Never one to shirk away from Sony’s more esoteric offerings, the UK-based developer and publisher was one of the mainstays of PlayStation Home, flying the flag by way of consistent content drops and the release of the enduring alternate reality game, Xi. The journey to virtual reality was perhaps innate, then, proven further by what is now a robust catalogue comprising of past and future releases across every available headset and experience.
Synapse Hands-On Preview (PSVR2) – A Playbook Of Silver Linings
Never one to rest on its laurels seemingly, nDreams has returned to the fold in stylish fashion with Synapse, which took centre stage as the standout original PSVR2 title at last month’s PlayStation Showcase, and we’ve been able to go hands-on with two levels ahead of its July 4 release.
Delving into the mind of rogue colonel Peter Conrad in an effort to retrieve top-secret intel, Synapse is ostensibly a run-based shooter with a lean focus on combining gunplay and telekinesis into one fluid motion, all in service of completing zones as quickly as possible.
The areas in which we got access to comprised of a set number of enemies, with the requisite amount of blocks and exploding barrels necessary to cause a bit of a scene naturally.
In practice, it’s by-and-large a satisfying experience – alongside your pistol, you select items in the environment via eye-tracking and can then grab with your free hand using telekinesis to throw or to bash enemies directly.
Thankfully this works seamlessly, provided there are no in-game non-enemy obstacles in your way, and the art style allows for a clear visibility of what’s happening at any given time.
A neat use of the haptics comes by way of the aforementioned exploding barrels, which allow you to press in slightly to pick them up before detonating with a full squeeze of the trigger. A later zone was furnished with elevators to manipulate, more verticality, and aggressive flanking by enemies, which ensured the delicate balance of ammunition and health remained intact.
Throughout each of these zones you’ll come across ‘Defiance’, either by some light exploration or by eliminating enemies, and this is the in-run currency which can be used at designated depots to replenish ammunition or provide a jolt of health if needed. Moreover, at the end of each zone, you’ll be greeted with a ‘Mind Hack,’ a two-choice modifier to assist in subsequent runs as you delve deeper into Conrad’s subconscious.
As a consequence of the abilities present, Synapse does promote the use of the environment above all else, and while the gunplay is well realized – you can even reload your weapon one-handed by using cover to push the magazine into the gun – all signs point towards using a combination of the toolset available to you.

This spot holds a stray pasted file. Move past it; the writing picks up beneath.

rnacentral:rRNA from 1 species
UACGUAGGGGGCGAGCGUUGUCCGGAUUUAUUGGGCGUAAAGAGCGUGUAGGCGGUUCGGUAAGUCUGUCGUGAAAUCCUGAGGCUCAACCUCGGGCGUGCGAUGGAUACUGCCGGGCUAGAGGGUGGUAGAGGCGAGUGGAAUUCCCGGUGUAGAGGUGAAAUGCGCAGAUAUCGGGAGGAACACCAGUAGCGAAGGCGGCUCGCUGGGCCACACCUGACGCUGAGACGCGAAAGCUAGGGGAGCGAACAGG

And it’s just as well, really, given the game combines tried-and-tested elements of the rogue-lite sub-genre – such as singular runs where you’ll lose anything gained in-level upon death aside from any overworld challenges you’ve completed – you’re conditioned towards replays, score-chasing, and building out your permanent skillset.
Though a somewhat sparse experience to begin with, Synapse will ultimately live or die by the level of engagement it can command from the player as it ramps up the level of complexity in future levels. If the reveal trailer is any indication, the unlockable skills may go a distance to achieving a bond between the zone design and player-driven gameplay.
And if it can succeed in channelling the sort of flow state seen in the likes of Pistol Whip, then we could be looking at something accomplished but at present it’s too early to say. What is here, however, is pointing in the right direction.
Once you’ve died and have been booted back into the starting grid, you can check against the challenges list, aptly named ‘Revelations’ to see what you have completed in the last run. These challenges range from killing a certain type of enemy a specific number of times, or from a particular position such as cover.
The list itself appears to be quite vast and upon completion of each challenge, you’ll be granted with ‘Insight’ which can then be used to unlock permanent upgrades for each subsequent run.
The permanent upgrades come by way of three comprehensive skill trees – Tactician, Assassin, and Survivor – and each has a tangible effect depending on how you want to shape your playthrough. At a base level, the skill trees can assist in granting certain drops within runs but then expand to allow you to begin with a higher tier weapon, two weapons, or perhaps the added bonus of a second chance upon death.
Given the nature of that loop, however, it remains to be seen if Synapse will build upon its narrative thrust or more crucially if it will escalate within its zones alongside the robust upgrade path to keep things fresh and engaging. If it can do so, we may be looking at a game to satiate the PSVR2 masses following what has been a light post-launch phase.
Luckily we don’t have to wait long to find out.
Synapse will release on PSVR2 on July 4, 2023.